After two interesting, though average opening holes, the dunes that flavor The Dunes at Maui Lani are introduced at the par 3 third. Fashioned partially after Lahinch's "Dell Hole", the third's diagonal green is shoehorned in-between those tall sandy mounds; going after a back right pin placement therefore becomes an act of faith.

"Once you enter the environment of sand dunes," Nelson remarked, "the rules of golf course architecture change. There are all kinds of tricks I incorporated that normally wouldn't be seen on a course without dunes, like the partial blind shots, huge elevation changes, depth perception nuances, and the massive, undulating greens."

The most memorable (and perhaps best), hole on the course follows straightaway at Four. The locals I played with prepped me for the challenge: "This is one damn evil hole," as a member of my foursome grumbled.

Four is a tight par five played through a forest of kiawe trees. Accuracy is essential when threading a tee shot between the thick forest left and a steep dune looming on the right side.

The fairway grows narrower as you contemplate an uphill approach to a blind green surface that is false-fronted and dominated by deep sod-face bunkers. Though the green itself is blessedly flat and a simple two-putt, the number of strokes often required to reach that point make the fact irrelevant.

The true "card wrecker" at The Dunes at Maui Lani, at least for the average player, comes at the par-3 eighth. This may be one of the most miniscule gateways to a green you will ever see. Tradewinds howl directly into the players' face, demanding a ball hit under the tree line. Although left is the only side to miss on, wander too far left and you are O.B. A massive kiawe tree will reject anything hit right, and penal pot bunkers flank a narrow green which is a mere 27 yards deep.

Those who cannot stand a few hours on Maui without at least one peek at the Pacific have their only chance at the highest point on The Dunes at Maui Lani - the elevated tee box at ten, a long and tough test featuring a blind tee shot into a narrow, high banked fairway which cascades to who-knows-where.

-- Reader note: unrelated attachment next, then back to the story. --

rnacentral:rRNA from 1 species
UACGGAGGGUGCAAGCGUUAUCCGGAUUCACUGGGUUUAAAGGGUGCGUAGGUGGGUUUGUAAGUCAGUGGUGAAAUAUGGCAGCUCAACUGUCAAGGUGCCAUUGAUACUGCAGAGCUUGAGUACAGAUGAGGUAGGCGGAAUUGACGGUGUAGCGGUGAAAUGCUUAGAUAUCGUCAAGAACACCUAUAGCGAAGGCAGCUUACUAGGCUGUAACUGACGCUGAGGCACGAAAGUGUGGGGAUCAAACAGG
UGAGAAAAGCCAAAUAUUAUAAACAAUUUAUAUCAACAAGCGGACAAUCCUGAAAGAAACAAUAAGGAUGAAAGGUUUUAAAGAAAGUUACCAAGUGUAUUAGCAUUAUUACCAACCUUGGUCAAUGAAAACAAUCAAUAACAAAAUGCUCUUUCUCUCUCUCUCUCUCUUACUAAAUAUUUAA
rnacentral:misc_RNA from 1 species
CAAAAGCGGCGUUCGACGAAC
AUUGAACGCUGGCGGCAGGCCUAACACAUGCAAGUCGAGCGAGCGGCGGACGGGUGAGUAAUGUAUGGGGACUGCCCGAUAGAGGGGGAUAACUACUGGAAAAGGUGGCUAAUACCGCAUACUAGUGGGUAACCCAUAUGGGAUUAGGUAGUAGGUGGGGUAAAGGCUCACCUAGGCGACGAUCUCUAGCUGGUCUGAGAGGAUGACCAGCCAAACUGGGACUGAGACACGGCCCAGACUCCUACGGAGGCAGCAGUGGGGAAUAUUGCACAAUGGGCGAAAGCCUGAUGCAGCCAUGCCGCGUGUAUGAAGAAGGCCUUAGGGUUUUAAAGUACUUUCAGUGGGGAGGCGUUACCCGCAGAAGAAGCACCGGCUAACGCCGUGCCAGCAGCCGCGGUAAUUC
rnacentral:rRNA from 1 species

Nonetheless, the views provided throughout the golf course, even without Pacific viewpoints, are outstanding. To illustrate the claim, check out the panorama provided at the 12th tee box. Mt. Haleakala stands in mute repose to the east, and the sumptuous verdancy of the surrounding landscape may make you forget all about those obscured ocean vistas.

The Dunes at Maui Lani's finishing hole is a real gem, presented without dunes or kiawe forests or other trickery, just brute length and a menacing lake that dominates the right side of the doglegged fairway. Counted by Head Professional Dave Gleason as among the best he's ever played, this 588-yard monster is typically played into heavy crosswinds that coax your ball into dangerous proximity with the water. If you haven't learned to hit the low ball by now, you may be in serious trouble attempting to make par at the last.

Although the raison d'etre for this marvelous layout is the very American concept of the "golf course community," the good news is that the fragile nature of this loamy land will not allow for the fairways margins to become festooned with homesites. The Dunes at Maui Lani should remain a natural, unspoiled beauty into the foreseeable future.

Overall, Maui Lani represents an irresistible combination of outstanding value, friendly Hawaiian-style service, and an intriguing, unforgettable layout.

Furthermore, given the golf course's close proximity to Kahului International (Maui's main airport), The Dunes at Maui Lani should be either the first course you play when you arrive on the Garden Isle, or the last as you leave. Some may decide to play it on both occasions, and that's a good call; for if you desire a wee taste of the British Isles on your next trip to the Hawaiian Islands, your best bet is The Dunes at Maui Lani.

Ron Walker, Contributor